(-1000 - -700)
Compared with the restricted range of forms that characterised the preceding Deverel-Rimbury tradition, those vessels datable to the centuries after 1000 BC represented a marked expansion in the potters┐ repertoire. Alongside large shouldered storage jars a new range of fine thin-walled cups and bowls emerged. These novel forms presumably reflected changes in the way that food and drink was served and consumed.
Two main ceramic phases can be discerned, both of which employed flint-tempered fabrics: an earlier 'plain-ware' phase, and a later ┐decorated┐ phase, with the changeover occurring around the 8th century BC. Plain-ware forms, which may have influenced (or been influenced by) sheet-metal vessels, included a range of cups and angular bowls with furrowed shoulders. Similar forms occurred in the decorated phase, but rims and shoulders were now given added emphasis by finger-tip and finger-nail impressions and linear tooling.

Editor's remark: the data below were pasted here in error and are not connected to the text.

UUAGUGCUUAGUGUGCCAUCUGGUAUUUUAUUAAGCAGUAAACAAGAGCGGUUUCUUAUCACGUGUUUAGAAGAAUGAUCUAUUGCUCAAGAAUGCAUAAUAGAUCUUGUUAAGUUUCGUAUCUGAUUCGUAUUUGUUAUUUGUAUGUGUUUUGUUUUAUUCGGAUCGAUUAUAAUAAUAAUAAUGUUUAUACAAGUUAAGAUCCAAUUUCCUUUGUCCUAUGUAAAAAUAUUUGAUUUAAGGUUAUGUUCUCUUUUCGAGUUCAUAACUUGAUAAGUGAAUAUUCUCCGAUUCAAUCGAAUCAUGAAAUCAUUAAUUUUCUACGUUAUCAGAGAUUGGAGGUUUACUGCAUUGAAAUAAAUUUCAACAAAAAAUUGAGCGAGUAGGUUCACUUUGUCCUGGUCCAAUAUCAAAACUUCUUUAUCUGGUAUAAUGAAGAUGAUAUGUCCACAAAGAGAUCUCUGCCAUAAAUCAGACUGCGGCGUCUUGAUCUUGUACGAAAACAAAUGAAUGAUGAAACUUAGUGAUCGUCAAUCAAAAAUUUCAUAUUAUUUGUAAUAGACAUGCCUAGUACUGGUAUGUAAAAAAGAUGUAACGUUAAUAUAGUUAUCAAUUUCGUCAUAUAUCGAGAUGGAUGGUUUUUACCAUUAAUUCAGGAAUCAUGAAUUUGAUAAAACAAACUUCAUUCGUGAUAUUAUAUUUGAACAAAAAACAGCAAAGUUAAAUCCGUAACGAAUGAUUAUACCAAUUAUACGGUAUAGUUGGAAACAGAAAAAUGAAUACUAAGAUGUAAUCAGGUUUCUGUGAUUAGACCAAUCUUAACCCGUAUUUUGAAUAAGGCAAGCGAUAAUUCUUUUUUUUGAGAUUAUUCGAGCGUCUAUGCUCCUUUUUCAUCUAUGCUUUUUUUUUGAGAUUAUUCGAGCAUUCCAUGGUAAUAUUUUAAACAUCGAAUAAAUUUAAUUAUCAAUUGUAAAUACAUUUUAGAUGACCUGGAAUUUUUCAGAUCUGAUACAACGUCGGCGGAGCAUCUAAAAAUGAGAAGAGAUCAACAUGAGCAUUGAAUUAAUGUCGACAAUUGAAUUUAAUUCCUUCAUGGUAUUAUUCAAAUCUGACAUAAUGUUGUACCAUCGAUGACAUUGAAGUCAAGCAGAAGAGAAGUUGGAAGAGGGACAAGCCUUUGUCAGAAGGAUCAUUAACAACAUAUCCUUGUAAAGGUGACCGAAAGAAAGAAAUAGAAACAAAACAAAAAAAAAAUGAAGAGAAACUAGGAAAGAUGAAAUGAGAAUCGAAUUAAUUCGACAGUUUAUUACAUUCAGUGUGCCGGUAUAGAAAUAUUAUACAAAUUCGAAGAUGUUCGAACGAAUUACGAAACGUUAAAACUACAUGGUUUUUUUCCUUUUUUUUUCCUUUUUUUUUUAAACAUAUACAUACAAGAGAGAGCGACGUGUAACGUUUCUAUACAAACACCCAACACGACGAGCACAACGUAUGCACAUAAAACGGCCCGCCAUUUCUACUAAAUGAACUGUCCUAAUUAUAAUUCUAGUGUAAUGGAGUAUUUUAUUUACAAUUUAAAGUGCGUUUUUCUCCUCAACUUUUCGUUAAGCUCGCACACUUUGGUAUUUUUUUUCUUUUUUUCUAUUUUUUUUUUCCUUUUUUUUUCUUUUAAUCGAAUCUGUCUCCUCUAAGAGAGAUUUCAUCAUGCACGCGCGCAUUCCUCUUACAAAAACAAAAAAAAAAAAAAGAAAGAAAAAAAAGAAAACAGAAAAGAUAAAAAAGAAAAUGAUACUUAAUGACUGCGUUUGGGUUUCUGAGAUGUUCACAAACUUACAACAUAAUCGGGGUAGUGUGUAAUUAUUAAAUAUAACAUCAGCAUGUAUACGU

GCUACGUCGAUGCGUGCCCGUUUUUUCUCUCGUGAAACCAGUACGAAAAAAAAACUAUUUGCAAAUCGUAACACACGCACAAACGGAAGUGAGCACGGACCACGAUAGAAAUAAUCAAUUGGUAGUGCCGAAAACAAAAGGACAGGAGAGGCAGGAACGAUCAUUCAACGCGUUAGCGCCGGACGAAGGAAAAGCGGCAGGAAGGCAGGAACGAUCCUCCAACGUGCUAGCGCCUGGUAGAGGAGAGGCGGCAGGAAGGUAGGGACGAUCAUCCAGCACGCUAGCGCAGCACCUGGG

Many of the vessels in the collection were recovered from the Thames. Their diminutive, often miniature, size suggests that they fulfilled various non-utilitarian 'ritual' roles.
Related objectsThere are 8 related objects.